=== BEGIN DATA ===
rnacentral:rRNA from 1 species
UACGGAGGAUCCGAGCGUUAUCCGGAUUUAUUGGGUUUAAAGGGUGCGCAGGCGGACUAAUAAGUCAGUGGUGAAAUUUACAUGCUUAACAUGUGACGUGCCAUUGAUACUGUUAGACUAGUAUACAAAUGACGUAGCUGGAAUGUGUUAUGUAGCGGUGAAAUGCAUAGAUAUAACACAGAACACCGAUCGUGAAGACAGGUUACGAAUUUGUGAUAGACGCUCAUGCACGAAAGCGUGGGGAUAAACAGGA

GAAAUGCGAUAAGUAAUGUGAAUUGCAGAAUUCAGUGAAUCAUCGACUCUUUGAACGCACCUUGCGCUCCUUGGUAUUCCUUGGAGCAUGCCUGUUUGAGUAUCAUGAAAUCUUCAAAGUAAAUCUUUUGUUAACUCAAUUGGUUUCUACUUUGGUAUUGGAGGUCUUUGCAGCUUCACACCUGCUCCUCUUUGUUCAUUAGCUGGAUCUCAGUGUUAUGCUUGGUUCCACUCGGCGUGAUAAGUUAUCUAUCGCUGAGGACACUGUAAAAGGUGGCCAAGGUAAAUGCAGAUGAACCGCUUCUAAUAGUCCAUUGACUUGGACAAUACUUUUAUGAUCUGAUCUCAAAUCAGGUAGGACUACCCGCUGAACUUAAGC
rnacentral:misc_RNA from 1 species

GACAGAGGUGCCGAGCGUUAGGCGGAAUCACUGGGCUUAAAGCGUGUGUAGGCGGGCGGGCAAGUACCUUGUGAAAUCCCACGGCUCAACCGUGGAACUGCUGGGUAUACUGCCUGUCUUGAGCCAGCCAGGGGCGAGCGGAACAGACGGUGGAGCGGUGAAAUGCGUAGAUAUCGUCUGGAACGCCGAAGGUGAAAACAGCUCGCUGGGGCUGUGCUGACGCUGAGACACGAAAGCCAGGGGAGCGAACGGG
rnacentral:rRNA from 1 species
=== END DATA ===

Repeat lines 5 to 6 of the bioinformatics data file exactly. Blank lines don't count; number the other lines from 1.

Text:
GACAGAGGUGCCGAGCGUUAGGCGGAAUCACUGGGCUUAAAGCGUGUGUAGGCGGGCGGGCAAGUACCUUGUGAAAUCCCACGGCUCAACCGUGGAACUGCUGGGUAUACUGCCUGUCUUGAGCCAGCCAGGGGCGAGCGGAACAGACGGUGGAGCGGUGAAAUGCGUAGAUAUCGUCUGGAACGCCGAAGGUGAAAACAGCUCGCUGGGGCUGUGCUGACGCUGAGACACGAAAGCCAGGGGAGCGAACGGG
rnacentral:rRNA from 1 species